Difference Between APRN & NP

Nov 15, 2019

Nursing titles can be confusing to understand, since there are many different acronyms used to describe the levels and specializations within the field of nursing. This article explains the differences and similarities between APRNs (advanced practice registered nurses) and NPs (nurse practitioners).

Comparing Advanced Practice Registered Nurses to Nurse Practitioners

The title APRN (advanced practice registered nurse) is far more general than NP (nurse practitioner). An APRN refers to any registered nurse with a master's degree in advanced practice nursing science (MSN). Meanwhile, a nurse practitioner is just one of four common types of (APRNs).

Job Title Education Requirements Average Salary (2019)* Job Outlook (2018-2028)**
Advanced Practice Registered Nurse Master of Nursing Science $93,495 26% (for nurse anesthetists, nurse midwives, and nurse practitioners)
Nurse Practitioner Master of Nursing Science (MSN)
Some NPs go on to gain a Doctor of Nursing Practice (DNP)
$94,133 28%

Sources: *PayScale.com; **Bureau of Labor Statistics

Responsibilities of APRNs vs. NPs

There are four types of advanced practice registered nurses (APRNs). The first is a nurse practitioner (NP). Nurse practitioners act almost like physicians in that they can provide primary care for patients, diagnose diseases and prescribe medication. The title APRN is not limited to just nurse practitioners. It can also refer to Certified Nurse Midwives (CNM) who assist in childbirth, Certified Registered Nurse Anesthetists (CRNA) who help surgeons safely administer anesthesia, and Clinical Nurse Specialists (CNS) who are experts in a specific area of nursing wherein they provide treatment plans and expert advice.

Advanced Practice Registered Nurse (APRN)

Advanced practice registered nurses (APRNs) are qualified to hold more responsibility than a registered nurse (RN) with an associates or bachelor's degree. They do not need much supervision from doctors. Their advanced training leads to jobs with higher salaries than other nursing positions. According to the Bureau of Labor and Statistics in 2018, APRNs make on average $42,200 more a year than registered nurses. The growth rate for APRNs is 14% higher than RNs. Depending on their specific training and role, APRNs can work in hospitals, community centers, clinics and other healthcare facilities.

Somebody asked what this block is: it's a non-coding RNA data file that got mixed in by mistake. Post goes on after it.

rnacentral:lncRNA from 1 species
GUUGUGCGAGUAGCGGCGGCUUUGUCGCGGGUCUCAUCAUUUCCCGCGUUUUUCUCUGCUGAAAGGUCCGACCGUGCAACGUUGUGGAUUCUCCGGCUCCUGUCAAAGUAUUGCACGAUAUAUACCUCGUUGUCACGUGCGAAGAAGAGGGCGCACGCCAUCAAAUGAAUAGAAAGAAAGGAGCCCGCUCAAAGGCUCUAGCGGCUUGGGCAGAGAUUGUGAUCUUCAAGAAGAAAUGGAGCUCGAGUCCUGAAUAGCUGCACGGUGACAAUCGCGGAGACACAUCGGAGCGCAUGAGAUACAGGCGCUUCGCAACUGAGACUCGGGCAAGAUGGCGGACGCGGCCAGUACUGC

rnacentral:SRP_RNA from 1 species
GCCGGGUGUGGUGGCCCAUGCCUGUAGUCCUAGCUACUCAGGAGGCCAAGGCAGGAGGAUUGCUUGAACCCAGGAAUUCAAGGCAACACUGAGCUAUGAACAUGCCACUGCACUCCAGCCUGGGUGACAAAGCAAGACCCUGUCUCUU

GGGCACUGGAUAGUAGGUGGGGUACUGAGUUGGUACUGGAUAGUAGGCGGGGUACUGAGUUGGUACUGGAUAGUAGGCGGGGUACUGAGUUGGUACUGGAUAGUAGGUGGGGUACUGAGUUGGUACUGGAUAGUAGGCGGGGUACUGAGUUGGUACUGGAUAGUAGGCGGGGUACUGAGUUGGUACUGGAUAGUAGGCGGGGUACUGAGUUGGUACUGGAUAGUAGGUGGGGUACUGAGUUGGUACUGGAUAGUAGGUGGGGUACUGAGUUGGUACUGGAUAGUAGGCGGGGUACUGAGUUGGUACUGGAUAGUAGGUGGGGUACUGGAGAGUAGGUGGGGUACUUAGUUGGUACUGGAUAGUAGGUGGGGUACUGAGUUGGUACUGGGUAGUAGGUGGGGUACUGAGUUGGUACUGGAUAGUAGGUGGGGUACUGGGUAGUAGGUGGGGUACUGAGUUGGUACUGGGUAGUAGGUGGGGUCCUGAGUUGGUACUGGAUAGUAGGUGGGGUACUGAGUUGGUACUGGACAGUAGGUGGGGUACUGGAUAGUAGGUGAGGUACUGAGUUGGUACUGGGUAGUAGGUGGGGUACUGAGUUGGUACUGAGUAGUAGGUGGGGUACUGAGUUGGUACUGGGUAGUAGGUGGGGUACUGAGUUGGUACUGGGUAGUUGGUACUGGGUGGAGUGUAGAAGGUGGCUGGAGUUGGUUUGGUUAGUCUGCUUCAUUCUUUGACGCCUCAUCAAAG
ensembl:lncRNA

Job responsibilities typically include:

  • Meeting with, diagnosing and treating patients in a variety of settings
  • Acting as leaders amongst their peers
  • Applying evidence-based practice to ensure their healthcare facilities provide the best care to patients based on the latest nursing research
  • Supporting and providing expert advice to other nurses and healthcare providers

Nurse Practitioner

A nurse practitioner is a specific type of APRN who specializes in providing primary care for patients of all ages. Sometimes it is difficult to tell the difference between an NP and a primary care doctor, because nurse practitioners have the qualifications to provide similar services. There are a range of specializations that a nurse practitioner can choose between, including advanced gerontology NP, family practice NP, neonatal NP, pediatric NP, and psychiatric NP. A nurse practitioner's work location, daily tasks and responsibilities depend on the specialization they choose. Some NPs decide to further their career by pursuing a DNP (Doctor of Nursing Practice) in one specific area of nurse practitioner advanced practice.

Job responsibilities typically include:

  • Conducting regular check-ups with patients of all ages and providing primary care
  • Diagnosing diseases
  • Creating treatment plans
  • Prescribing medication

Related Careers

If you are interested in becoming an APRN, you should consider a career as a registered nurse, the most common first step to obtaining an advanced nursing position. If you are interested in a career as a nurse practitioner, consider the pathway to becoming a Family Nurse Practitioner (one of the most common types of NPs).

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